Professional game development is a business, and involves money, one way or another. And inevitably we are in the same Market, maybe in a sub-market, but it's all interwoven. One industry impacts the other, and creates a chain reaction, or a "butterfly effect", if it's a more convenient term. The modern market is extremely rapid, and changes occur on a daily basis. An immense amount of competition rages for the love of the crowd, and we are in the midst of it all. Whenever a big change occurs, the environment changes, and the market adapts accordingly. Adaptation demands mobility, quick wit and vision.

    But not all have the chance to adapt, as we, most probably, already utilize all of our potential, energy, focus, and attention. Deep analysis and a business acumen might provide a better chance of predicting market change, but it's not a guarantee by any means. Even though you might have an idea where things go, you might not have the confidence, the resources, and energy to outmaneuver the change. This is one of the things that are in some way beyond our control, as big sharks create the biggest waves in the aquarium. This is when we all start to waver, and panic fills our minds and impacts our decision-making process. The only remedy in these kinds of situations is to have a clear vision of your product/game. That's important because then you understand what's the target you aim for, and in case the target moves, you know what it looks like.

    Before we get to the solutions, I want to talk about a very important topic - Scope Change Management. I don't want to convey a wrong point of view that any change is bad. Some of the biggest and best hits involved big changes at some point. It's not about not making a change, it's about managing change. It's all about responsibly dealing with change and adapting accordingly, be it changing scope, delaying a deadline, or any other change to the initial plan. What is important is that this is an advanced topic, and you should pay immense amounts of attention and a responsible attitude towards this.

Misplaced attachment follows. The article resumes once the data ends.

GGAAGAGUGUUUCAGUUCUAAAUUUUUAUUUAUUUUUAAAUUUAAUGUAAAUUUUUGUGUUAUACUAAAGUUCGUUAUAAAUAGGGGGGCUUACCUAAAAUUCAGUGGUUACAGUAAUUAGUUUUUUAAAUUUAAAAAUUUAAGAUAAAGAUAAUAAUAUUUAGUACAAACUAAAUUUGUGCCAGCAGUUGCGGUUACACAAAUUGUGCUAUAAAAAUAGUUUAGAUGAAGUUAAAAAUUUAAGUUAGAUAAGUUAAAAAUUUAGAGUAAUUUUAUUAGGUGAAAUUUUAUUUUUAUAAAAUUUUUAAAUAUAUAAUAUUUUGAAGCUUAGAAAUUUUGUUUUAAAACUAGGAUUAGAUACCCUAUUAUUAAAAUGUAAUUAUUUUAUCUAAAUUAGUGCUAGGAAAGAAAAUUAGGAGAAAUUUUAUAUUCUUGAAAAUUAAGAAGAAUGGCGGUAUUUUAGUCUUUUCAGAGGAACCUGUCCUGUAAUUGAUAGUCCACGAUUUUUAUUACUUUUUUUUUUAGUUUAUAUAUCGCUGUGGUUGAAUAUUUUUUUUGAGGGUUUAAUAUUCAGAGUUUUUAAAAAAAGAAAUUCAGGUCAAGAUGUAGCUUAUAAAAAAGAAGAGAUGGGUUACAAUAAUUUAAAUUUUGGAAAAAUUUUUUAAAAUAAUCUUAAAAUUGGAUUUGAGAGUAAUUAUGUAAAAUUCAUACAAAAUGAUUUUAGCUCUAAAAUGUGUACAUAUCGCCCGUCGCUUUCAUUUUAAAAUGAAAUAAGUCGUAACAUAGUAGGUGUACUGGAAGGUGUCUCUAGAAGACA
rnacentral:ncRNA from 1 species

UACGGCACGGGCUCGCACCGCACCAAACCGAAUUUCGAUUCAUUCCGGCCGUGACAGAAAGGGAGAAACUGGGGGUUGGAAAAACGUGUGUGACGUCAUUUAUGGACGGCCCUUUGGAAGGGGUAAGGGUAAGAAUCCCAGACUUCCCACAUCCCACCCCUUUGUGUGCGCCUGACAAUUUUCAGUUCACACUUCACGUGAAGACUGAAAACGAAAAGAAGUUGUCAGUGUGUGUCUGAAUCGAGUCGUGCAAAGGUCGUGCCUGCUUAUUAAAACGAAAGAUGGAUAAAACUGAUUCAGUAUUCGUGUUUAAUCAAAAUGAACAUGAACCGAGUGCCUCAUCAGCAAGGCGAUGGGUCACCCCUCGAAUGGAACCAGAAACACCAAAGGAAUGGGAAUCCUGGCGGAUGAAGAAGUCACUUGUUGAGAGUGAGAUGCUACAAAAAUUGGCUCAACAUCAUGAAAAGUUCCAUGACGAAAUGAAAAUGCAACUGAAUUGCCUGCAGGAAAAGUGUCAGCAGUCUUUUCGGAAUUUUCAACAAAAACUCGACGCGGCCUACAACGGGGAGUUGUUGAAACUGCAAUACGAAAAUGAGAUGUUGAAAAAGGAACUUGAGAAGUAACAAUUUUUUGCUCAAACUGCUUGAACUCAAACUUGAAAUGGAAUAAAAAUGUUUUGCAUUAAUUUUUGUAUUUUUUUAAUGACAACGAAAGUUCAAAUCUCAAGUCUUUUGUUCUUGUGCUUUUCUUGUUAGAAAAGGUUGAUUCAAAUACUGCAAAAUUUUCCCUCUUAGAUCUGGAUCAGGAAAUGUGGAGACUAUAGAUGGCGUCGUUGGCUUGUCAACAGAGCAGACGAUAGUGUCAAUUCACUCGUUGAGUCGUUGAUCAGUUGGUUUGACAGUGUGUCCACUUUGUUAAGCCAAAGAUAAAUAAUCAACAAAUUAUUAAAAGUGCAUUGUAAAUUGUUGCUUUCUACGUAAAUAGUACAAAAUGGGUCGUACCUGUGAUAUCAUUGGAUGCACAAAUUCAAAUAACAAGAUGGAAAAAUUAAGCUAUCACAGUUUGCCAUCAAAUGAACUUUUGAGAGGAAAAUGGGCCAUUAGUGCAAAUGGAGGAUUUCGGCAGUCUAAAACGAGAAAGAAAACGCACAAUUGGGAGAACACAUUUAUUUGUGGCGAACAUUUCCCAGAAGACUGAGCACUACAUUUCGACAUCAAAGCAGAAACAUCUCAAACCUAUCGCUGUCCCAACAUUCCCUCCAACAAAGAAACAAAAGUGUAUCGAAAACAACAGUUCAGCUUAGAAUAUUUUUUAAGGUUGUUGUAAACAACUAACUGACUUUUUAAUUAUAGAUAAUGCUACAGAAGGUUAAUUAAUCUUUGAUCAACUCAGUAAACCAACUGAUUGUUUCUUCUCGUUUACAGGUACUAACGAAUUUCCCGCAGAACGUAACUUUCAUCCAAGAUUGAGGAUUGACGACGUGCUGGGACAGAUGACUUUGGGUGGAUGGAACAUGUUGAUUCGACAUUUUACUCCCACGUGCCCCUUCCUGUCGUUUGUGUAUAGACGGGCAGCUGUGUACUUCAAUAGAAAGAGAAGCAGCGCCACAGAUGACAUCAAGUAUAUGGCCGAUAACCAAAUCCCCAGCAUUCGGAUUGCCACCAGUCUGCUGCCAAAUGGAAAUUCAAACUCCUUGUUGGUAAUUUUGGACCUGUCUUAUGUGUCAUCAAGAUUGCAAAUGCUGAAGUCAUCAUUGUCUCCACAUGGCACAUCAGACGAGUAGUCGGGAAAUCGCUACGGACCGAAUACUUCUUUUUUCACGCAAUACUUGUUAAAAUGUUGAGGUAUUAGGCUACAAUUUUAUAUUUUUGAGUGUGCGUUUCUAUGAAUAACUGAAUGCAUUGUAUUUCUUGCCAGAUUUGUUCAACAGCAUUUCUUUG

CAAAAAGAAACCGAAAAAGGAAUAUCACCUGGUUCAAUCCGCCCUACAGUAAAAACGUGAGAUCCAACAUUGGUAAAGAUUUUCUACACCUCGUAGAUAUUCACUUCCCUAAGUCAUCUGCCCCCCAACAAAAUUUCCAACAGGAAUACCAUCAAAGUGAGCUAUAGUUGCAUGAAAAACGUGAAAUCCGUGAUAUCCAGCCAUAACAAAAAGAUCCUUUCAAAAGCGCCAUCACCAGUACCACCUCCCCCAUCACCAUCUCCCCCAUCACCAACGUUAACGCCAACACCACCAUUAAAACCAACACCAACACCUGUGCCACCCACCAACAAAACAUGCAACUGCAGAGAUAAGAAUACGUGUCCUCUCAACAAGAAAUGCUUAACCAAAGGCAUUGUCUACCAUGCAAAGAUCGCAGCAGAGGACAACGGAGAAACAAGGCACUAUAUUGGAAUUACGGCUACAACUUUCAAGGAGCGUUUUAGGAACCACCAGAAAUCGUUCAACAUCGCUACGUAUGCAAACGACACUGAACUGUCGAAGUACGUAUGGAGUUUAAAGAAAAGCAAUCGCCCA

Turning any change down is also destructive: any action that is directed towards you and/or your team reaching the goal, or following the vision, is a correct action. It's not about being firm with the means to reach a goal, it's about being firm in adherence to reaching the goal.

    Scope Change Management is a toolset that you have to have to handle change. This has to generate a process that enables flexible decision-making on the basis of pre-defined, or continuously defined metrics that serve to assess if the change is necessary to reach the end goal. This is a funnel that tests if the proposed change is worthwhile and optimal. These metrics are different, depending on a game project and are aligned with the vision and the business goals. These goals have to be enforced, but the path to them has to be flexible.

    Having a protocol on what to do in many different situations is what constitutes Scope Change Management, this is what keeps the creative storm at bay, and provides you with a better chance to reach the set goals. Learn to agree & disagree on change, debate on change with visible and independent metrics, learn to request change approval from a higher manager, learn to propagate that decision so that the team doesn't feel swamped.

    Ok, let's face the endboss.